A migraine is different from a regular headache. A migraine is usually very severe, with pain on only one side of the head. It is often accompanied by extreme sensitivity to light and nausea and vomiting. Migraines are a recurring condition. Some people may have one several times a month, while some may only have one or two a year. But when a migraine happens, it can be disabling.
It is estimated that 1 in 100 people suffer from migraines. Research on migraines in the past focused on changes in the blood vessels in the brain. However, new research is being done that points to changes in the brain itself. Scientists believe that the cause of a migraine involves a complex mix of chemical changes in the brain with various nerve pathways. They are still not sure what the exact chain of events are that cause a migraine, but believe that it can be triggered by such things as stress, environmental factors, or certain foods.
There are two types of migraines. There are those with auras or those without auras. Most people will have migraines without the auras. This is called the common migraine.
If you have migraines with auras you will see flashes of light, blind spots in your vision, zigzag lines in your vision and sometimes have tingling sensations in your arms or leg. These auras usually start about 15 to 30 minutes before the migraine start and serve as a good warning sign. On occasion, the aura can last throughout the duration of the migraine.
If you have migraine headaches, you probably know what helps the pain. Everyone is different when it comes to pain relief. Some people just want to lie down in a dark, quiet, room and sleep it off. Others will take medication developed especially for migraine headaches. It is important to note, that if you suffer from migraines and haven't been to the doctor for treatment of them lately, it may be a good idea to see your doctor. There are a lot of new medications available for migraines now that weren't available ten years ago.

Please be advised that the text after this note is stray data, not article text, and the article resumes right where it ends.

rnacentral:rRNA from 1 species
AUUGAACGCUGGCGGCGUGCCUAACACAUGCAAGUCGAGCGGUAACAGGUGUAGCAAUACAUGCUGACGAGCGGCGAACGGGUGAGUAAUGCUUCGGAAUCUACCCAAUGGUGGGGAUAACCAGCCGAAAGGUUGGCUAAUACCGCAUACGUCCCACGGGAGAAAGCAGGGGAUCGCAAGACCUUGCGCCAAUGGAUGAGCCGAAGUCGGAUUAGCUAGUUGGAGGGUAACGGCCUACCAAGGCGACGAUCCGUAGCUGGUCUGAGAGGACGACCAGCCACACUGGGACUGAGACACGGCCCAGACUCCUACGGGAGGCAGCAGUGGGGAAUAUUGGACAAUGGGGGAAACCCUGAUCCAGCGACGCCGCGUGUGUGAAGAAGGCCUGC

Children can have migraines, too. Their migraines may have started in adolescence or early adulthood. There have been incidences of migraines in children as young as 1. The good news is, migraines in children don't last as long and they typically grow out of them. With children the migraine will usually cause pain on both sides of the head. Children can also have nausea, vomiting and extreme sensitivity to light and sound, but have no headache pain. This type of migraine is especially difficult to diagnose and can be very frightening for the parents.
If you have migraines talk to your doctor about treatment. Eat healthy and drink plenty of water. Try to get adequate rest and reduce the stress in your life, if possible. Don't let the thought of having another migraine headache interrupt your life.
For more migraine headache information please see the complete guide to migraine headaches . Jeff also suggests http://www.FreeArticles.com for reading more than 40 free migraine headache articles .